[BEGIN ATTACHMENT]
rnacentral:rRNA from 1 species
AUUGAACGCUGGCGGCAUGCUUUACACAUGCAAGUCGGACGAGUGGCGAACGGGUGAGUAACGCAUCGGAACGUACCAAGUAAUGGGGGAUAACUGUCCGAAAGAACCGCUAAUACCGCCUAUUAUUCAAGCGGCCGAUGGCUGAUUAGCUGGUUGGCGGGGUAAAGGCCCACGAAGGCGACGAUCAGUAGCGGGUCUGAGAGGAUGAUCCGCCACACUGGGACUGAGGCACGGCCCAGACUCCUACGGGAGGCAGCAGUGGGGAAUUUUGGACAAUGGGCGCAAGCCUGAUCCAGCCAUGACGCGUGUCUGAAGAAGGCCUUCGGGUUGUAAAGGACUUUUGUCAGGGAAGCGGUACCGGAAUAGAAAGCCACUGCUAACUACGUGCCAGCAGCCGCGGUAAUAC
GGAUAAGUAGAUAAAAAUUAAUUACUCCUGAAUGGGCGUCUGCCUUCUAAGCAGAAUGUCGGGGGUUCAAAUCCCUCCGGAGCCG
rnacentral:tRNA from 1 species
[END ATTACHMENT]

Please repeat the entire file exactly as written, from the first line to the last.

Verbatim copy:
rnacentral:rRNA from 1 species
AUUGAACGCUGGCGGCAUGCUUUACACAUGCAAGUCGGACGAGUGGCGAACGGGUGAGUAACGCAUCGGAACGUACCAAGUAAUGGGGGAUAACUGUCCGAAAGAACCGCUAAUACCGCCUAUUAUUCAAGCGGCCGAUGGCUGAUUAGCUGGUUGGCGGGGUAAAGGCCCACGAAGGCGACGAUCAGUAGCGGGUCUGAGAGGAUGAUCCGCCACACUGGGACUGAGGCACGGCCCAGACUCCUACGGGAGGCAGCAGUGGGGAAUUUUGGACAAUGGGCGCAAGCCUGAUCCAGCCAUGACGCGUGUCUGAAGAAGGCCUUCGGGUUGUAAAGGACUUUUGUCAGGGAAGCGGUACCGGAAUAGAAAGCCACUGCUAACUACGUGCCAGCAGCCGCGGUAAUAC
GGAUAAGUAGAUAAAAAUUAAUUACUCCUGAAUGGGCGUCUGCCUUCUAAGCAGAAUGUCGGGGGUUCAAAUCCCUCCGGAGCCG
rnacentral:tRNA from 1 species